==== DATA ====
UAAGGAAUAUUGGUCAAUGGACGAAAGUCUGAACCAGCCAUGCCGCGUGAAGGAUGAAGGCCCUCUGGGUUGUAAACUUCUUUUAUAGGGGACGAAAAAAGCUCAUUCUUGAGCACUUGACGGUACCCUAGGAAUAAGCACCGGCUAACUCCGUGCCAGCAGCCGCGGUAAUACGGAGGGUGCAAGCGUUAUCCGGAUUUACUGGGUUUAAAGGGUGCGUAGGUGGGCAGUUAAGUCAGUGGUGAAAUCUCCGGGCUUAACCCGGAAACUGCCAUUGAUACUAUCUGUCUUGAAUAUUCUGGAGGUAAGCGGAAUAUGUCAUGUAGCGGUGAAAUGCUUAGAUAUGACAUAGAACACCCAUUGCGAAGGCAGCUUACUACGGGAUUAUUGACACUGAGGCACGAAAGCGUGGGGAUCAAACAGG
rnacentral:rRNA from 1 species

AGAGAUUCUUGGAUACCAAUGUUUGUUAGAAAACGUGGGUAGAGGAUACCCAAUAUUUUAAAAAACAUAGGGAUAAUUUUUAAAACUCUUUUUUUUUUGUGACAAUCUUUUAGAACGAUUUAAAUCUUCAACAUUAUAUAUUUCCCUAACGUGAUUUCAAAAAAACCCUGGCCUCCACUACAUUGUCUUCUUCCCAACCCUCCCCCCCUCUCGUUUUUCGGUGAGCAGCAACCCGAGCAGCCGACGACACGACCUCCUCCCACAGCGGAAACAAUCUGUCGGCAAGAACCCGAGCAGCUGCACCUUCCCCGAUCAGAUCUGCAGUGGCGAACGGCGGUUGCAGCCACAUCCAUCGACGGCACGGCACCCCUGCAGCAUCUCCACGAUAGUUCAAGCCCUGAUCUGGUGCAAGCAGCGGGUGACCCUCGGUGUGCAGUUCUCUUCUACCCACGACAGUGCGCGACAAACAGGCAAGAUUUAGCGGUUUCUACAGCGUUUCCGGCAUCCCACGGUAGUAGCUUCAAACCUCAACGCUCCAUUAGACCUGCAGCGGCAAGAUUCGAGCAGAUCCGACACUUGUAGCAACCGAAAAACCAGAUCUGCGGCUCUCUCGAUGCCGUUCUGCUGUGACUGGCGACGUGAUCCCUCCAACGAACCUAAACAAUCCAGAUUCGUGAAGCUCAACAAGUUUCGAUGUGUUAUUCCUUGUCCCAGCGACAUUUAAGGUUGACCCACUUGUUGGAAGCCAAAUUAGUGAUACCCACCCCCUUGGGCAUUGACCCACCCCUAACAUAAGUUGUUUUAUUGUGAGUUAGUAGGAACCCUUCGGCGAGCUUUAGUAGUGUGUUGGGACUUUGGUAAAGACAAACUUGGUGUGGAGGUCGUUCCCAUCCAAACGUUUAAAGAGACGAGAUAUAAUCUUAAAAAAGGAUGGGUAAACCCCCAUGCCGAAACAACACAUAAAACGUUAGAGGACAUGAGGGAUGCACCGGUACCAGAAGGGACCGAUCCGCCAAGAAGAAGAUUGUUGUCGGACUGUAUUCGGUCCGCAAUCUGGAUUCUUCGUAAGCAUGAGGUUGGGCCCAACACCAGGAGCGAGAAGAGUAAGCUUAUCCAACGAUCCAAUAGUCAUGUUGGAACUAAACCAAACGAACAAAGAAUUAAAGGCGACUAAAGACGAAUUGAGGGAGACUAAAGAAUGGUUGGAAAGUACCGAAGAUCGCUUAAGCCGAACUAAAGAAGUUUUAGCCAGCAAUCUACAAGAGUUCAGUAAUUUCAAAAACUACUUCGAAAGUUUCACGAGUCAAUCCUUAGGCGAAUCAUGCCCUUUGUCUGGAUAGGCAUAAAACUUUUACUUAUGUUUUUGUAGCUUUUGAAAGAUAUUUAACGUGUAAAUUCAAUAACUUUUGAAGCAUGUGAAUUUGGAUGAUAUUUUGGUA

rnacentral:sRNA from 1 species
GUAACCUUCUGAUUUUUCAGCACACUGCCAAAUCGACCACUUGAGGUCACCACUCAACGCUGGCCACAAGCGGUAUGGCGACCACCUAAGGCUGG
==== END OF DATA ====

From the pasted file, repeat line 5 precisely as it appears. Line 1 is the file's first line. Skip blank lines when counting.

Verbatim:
GUAACCUUCUGAUUUUUCAGCACACUGCCAAAUCGACCACUUGAGGUCACCACUCAACGCUGGCCACAAGCGGUAUGGCGACCACCUAAGGCUGG